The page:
Study: Tightwads and spendthrifts tend to marry
When it comes to love and money, opposites really do attract, a U-M researcher says.
New research by Scott Rick of the Stephen M. Ross School of Business suggests that people who are tight with their money often end up marrying those who spend more freely much to the detriment of their marriage.
"Generally speaking, birds of a feather flock together," says Rick, assistant professor of marketing at the Ross School. "We tend to be attracted to mates who share similar demographic characteristics, similar attitudes, similar values, even similar names. But our surveys of married adults suggest opposites attract when it comes to emotional reactions toward spending.
"That is, tightwads, who generally spend less than they would ideally like to spend, and spendthrifts, who generally spend more than they would ideally like to spend, tend to marry each other."
Rick and colleagues Deborah Small of the University of Pennsylvania and Eli Finkel of Northwestern University surveyed more than 1,000 married and unmarried adults in three separate studies to find out whether feelings toward spending money predict who people will marry and whether spousal differences in feelings toward spending money influence marital well-being.
They found that both tightwads and spendthrifts are unhappy with their emotional reactions toward spending money and the more dissatisfied they are, the more likely they are to be attracted to people with opposing views toward spending.
"However, this complementary attraction ultimately appears to hurt marriages, as it is associated with greater conflicts over money and diminished marital well-being," Rick says. "The more spouses differ on the tightwad-spendthrift dimension, the more likely they are to argue over money and the less satisfied they are with the marriage.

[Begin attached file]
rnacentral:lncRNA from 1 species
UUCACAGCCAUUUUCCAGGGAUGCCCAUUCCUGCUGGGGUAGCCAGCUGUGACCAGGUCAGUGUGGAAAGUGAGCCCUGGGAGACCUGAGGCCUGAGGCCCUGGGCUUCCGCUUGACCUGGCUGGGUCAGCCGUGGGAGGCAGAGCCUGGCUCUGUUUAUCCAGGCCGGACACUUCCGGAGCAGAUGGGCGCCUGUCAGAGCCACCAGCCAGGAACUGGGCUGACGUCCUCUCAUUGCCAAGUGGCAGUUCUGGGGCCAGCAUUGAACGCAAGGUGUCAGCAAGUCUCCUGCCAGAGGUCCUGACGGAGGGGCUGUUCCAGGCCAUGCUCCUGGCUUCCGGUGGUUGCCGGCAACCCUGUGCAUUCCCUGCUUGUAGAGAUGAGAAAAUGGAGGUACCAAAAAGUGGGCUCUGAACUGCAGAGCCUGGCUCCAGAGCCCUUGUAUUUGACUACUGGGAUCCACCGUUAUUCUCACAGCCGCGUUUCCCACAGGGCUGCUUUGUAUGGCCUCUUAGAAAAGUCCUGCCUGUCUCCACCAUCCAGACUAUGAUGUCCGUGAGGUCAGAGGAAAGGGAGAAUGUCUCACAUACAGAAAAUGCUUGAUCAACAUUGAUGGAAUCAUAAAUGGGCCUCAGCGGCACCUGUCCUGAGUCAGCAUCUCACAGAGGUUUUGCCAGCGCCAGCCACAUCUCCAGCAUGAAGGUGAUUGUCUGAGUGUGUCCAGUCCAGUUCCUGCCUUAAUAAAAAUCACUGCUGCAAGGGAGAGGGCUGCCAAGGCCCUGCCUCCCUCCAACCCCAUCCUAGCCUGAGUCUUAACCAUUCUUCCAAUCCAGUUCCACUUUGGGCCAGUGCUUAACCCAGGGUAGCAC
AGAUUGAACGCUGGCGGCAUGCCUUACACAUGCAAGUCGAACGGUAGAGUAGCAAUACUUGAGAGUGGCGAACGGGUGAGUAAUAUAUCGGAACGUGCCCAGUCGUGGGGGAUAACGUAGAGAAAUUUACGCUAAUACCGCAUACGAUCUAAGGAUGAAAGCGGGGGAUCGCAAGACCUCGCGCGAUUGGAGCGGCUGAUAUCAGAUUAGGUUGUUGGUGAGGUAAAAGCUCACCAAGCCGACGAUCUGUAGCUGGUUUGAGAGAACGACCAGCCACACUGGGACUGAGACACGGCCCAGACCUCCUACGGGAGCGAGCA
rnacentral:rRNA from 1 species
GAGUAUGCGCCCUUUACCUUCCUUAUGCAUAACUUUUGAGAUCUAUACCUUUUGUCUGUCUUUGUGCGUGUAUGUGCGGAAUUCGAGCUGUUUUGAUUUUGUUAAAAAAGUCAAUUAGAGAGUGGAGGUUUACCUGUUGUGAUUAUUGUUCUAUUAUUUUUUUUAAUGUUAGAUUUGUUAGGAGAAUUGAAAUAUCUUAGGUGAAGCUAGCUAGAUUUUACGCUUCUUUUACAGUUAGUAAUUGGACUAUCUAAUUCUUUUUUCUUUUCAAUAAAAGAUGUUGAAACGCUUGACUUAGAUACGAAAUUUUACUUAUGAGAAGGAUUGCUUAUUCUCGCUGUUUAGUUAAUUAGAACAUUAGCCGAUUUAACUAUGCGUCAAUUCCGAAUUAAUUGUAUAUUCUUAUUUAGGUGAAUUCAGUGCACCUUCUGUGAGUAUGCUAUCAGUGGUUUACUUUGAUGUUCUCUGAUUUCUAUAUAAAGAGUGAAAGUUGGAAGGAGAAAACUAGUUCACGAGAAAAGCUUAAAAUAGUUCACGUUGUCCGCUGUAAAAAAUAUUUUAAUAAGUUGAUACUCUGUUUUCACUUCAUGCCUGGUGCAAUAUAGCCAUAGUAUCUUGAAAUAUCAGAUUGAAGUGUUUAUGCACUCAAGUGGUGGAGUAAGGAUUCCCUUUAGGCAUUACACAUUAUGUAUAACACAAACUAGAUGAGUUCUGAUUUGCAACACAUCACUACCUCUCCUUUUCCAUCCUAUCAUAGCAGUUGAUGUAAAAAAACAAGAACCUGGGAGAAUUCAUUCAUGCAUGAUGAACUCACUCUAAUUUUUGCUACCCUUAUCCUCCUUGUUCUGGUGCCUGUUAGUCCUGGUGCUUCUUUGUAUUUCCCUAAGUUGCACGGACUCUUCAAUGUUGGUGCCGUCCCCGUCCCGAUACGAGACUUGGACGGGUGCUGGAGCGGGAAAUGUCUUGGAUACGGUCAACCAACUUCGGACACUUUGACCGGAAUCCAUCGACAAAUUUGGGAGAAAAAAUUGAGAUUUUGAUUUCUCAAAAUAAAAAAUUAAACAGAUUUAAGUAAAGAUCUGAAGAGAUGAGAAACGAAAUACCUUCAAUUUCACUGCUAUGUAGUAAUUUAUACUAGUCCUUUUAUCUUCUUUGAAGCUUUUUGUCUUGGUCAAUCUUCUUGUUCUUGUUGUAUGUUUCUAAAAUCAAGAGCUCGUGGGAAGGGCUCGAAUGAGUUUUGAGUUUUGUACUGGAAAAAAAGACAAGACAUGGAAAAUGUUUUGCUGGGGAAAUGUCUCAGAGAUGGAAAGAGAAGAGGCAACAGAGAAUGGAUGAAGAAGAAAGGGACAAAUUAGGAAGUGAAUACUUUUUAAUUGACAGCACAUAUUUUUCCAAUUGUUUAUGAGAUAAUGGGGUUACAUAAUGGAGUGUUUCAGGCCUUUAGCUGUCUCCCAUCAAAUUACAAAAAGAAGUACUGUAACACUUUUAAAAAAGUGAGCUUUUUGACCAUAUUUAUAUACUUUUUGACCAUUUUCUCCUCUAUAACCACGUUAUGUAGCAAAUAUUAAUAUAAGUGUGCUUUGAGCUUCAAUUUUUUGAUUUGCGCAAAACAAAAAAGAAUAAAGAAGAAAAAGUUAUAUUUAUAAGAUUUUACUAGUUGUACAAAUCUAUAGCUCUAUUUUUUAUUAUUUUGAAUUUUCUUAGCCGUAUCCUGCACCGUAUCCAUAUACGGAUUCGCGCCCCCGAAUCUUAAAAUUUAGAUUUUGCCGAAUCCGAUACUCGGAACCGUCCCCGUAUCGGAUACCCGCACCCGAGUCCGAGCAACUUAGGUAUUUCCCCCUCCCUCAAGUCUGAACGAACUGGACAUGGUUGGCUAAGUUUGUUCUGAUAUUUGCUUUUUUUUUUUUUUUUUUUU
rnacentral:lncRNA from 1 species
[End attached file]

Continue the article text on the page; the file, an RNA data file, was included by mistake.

"This remains true even when income, debt and savings are controlled for. That is, even though a spendthrift will have greater debt when married to another spendthrift than when married to a tightwad, the spendthrift is still less likely to argue about money with the other spendthrift."
Despite people's tendency to attract spouses who are their "spending" opposites, Rick and colleagues found that unmarried people believe that their ideal romantic partner should share the same views on spending as they do.
"On the surface, this finding may appear to contradict the hypothesis that opposites attract, but the results are easily reconciled when one considers that people tend to have poor introspective awareness of what they will initially find attractive when actually encountering potential mates," Rick says. "Our findings are consistent with the commonly observed disconnect between what people say they look for in an ideal mate and the characteristics of actual mates to whom they are attracted.
"Consistent with this pattern, people appear to accurately forecast what types of mates will make them happiest in the long run, but these forecasts fail to predict what types of mates people actually select."